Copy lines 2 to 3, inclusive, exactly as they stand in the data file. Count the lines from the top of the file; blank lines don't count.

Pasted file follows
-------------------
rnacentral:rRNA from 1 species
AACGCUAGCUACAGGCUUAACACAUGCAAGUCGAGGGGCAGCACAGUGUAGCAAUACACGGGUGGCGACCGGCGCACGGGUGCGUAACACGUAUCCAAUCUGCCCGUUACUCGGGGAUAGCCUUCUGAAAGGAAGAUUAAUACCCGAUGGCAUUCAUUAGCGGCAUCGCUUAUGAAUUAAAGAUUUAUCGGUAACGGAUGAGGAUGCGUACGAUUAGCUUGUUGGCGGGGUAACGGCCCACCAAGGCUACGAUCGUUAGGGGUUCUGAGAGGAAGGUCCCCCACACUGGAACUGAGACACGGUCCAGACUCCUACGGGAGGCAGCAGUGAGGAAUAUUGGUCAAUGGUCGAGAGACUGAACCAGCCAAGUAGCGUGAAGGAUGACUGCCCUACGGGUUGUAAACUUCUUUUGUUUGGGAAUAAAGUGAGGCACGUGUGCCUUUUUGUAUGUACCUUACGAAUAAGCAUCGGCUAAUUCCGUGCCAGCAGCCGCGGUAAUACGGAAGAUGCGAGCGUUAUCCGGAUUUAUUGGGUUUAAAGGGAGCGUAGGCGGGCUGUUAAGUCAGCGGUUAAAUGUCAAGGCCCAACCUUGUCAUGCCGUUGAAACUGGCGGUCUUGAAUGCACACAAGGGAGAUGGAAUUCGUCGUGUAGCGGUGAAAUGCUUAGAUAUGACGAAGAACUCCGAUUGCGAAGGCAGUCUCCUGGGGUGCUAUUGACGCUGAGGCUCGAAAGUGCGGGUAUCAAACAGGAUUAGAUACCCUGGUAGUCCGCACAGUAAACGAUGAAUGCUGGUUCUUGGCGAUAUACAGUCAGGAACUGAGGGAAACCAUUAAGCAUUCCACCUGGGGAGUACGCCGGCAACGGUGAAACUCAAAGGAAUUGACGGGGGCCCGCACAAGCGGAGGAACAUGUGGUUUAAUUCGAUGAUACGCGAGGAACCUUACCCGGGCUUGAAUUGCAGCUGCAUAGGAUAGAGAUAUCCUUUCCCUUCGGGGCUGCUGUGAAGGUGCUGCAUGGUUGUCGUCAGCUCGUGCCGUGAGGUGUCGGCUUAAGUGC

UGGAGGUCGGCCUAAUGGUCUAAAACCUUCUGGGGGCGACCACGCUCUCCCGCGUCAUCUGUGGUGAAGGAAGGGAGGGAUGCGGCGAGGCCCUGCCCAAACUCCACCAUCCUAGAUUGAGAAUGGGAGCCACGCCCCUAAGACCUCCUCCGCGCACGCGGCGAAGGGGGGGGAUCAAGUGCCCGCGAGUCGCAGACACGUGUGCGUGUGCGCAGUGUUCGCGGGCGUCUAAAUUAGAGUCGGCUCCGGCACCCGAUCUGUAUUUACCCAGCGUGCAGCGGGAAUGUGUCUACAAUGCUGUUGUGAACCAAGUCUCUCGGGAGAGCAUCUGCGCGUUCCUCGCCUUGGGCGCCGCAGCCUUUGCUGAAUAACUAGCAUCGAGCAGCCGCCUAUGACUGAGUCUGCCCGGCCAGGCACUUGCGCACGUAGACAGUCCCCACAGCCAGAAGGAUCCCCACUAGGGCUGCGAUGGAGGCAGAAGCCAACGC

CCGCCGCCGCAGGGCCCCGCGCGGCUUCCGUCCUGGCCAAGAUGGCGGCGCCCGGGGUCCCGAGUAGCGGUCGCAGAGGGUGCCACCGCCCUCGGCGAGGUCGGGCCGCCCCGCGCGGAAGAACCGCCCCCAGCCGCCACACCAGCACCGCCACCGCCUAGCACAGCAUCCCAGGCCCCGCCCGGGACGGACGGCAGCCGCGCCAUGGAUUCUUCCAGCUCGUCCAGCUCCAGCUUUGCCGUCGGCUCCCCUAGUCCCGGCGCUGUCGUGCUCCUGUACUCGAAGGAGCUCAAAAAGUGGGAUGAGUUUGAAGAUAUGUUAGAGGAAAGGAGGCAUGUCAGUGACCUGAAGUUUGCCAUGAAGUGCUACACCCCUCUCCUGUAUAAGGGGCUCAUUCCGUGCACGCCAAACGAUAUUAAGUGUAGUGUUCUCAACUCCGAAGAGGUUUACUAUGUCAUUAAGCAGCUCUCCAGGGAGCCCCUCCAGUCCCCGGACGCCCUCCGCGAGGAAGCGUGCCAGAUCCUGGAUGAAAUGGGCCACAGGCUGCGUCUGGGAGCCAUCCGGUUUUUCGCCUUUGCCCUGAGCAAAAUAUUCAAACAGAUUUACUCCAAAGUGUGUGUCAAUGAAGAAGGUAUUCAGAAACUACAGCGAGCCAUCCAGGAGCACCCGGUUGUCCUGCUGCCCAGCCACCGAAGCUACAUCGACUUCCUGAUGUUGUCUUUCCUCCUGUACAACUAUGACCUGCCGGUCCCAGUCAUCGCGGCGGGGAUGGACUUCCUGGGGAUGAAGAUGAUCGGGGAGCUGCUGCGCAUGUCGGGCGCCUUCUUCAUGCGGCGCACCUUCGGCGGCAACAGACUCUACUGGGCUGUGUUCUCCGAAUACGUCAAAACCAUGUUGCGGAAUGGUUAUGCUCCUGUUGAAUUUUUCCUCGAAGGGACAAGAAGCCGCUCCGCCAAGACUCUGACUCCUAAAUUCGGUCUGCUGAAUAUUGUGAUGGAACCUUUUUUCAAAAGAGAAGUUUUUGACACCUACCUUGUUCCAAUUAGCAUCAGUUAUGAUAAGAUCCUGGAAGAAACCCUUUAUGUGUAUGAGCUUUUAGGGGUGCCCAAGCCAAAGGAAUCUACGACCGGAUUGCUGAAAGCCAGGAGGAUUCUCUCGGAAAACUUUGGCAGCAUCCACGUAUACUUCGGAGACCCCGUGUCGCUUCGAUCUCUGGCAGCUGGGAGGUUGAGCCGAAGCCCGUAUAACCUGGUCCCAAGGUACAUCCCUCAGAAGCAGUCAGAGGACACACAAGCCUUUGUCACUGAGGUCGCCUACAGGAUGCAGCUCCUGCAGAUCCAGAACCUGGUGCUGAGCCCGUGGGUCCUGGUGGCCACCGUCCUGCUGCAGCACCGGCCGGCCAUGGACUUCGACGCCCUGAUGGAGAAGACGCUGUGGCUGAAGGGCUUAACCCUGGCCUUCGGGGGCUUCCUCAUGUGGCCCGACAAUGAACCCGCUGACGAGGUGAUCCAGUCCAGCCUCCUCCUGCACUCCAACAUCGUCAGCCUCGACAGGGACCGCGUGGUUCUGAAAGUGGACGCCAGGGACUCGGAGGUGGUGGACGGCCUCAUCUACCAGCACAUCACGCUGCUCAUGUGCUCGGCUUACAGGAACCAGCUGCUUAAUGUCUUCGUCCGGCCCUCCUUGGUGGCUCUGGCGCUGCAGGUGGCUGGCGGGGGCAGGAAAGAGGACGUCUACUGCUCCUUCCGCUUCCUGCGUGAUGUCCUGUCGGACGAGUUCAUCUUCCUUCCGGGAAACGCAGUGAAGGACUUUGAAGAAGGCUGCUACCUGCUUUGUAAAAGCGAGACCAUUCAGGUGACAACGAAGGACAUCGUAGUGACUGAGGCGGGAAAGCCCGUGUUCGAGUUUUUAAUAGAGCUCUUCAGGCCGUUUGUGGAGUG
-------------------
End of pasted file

AACGCUAGCUACAGGCUUAACACAUGCAAGUCGAGGGGCAGCACAGUGUAGCAAUACACGGGUGGCGACCGGCGCACGGGUGCGUAACACGUAUCCAAUCUGCCCGUUACUCGGGGAUAGCCUUCUGAAAGGAAGAUUAAUACCCGAUGGCAUUCAUUAGCGGCAUCGCUUAUGAAUUAAAGAUUUAUCGGUAACGGAUGAGGAUGCGUACGAUUAGCUUGUUGGCGGGGUAACGGCCCACCAAGGCUACGAUCGUUAGGGGUUCUGAGAGGAAGGUCCCCCACACUGGAACUGAGACACGGUCCAGACUCCUACGGGAGGCAGCAGUGAGGAAUAUUGGUCAAUGGUCGAGAGACUGAACCAGCCAAGUAGCGUGAAGGAUGACUGCCCUACGGGUUGUAAACUUCUUUUGUUUGGGAAUAAAGUGAGGCACGUGUGCCUUUUUGUAUGUACCUUACGAAUAAGCAUCGGCUAAUUCCGUGCCAGCAGCCGCGGUAAUACGGAAGAUGCGAGCGUUAUCCGGAUUUAUUGGGUUUAAAGGGAGCGUAGGCGGGCUGUUAAGUCAGCGGUUAAAUGUCAAGGCCCAACCUUGUCAUGCCGUUGAAACUGGCGGUCUUGAAUGCACACAAGGGAGAUGGAAUUCGUCGUGUAGCGGUGAAAUGCUUAGAUAUGACGAAGAACUCCGAUUGCGAAGGCAGUCUCCUGGGGUGCUAUUGACGCUGAGGCUCGAAAGUGCGGGUAUCAAACAGGAUUAGAUACCCUGGUAGUCCGCACAGUAAACGAUGAAUGCUGGUUCUUGGCGAUAUACAGUCAGGAACUGAGGGAAACCAUUAAGCAUUCCACCUGGGGAGUACGCCGGCAACGGUGAAACUCAAAGGAAUUGACGGGGGCCCGCACAAGCGGAGGAACAUGUGGUUUAAUUCGAUGAUACGCGAGGAACCUUACCCGGGCUUGAAUUGCAGCUGCAUAGGAUAGAGAUAUCCUUUCCCUUCGGGGCUGCUGUGAAGGUGCUGCAUGGUUGUCGUCAGCUCGUGCCGUGAGGUGUCGGCUUAAGUGC

UGGAGGUCGGCCUAAUGGUCUAAAACCUUCUGGGGGCGACCACGCUCUCCCGCGUCAUCUGUGGUGAAGGAAGGGAGGGAUGCGGCGAGGCCCUGCCCAAACUCCACCAUCCUAGAUUGAGAAUGGGAGCCACGCCCCUAAGACCUCCUCCGCGCACGCGGCGAAGGGGGGGGAUCAAGUGCCCGCGAGUCGCAGACACGUGUGCGUGUGCGCAGUGUUCGCGGGCGUCUAAAUUAGAGUCGGCUCCGGCACCCGAUCUGUAUUUACCCAGCGUGCAGCGGGAAUGUGUCUACAAUGCUGUUGUGAACCAAGUCUCUCGGGAGAGCAUCUGCGCGUUCCUCGCCUUGGGCGCCGCAGCCUUUGCUGAAUAACUAGCAUCGAGCAGCCGCCUAUGACUGAGUCUGCCCGGCCAGGCACUUGCGCACGUAGACAGUCCCCACAGCCAGAAGGAUCCCCACUAGGGCUGCGAUGGAGGCAGAAGCCAACGC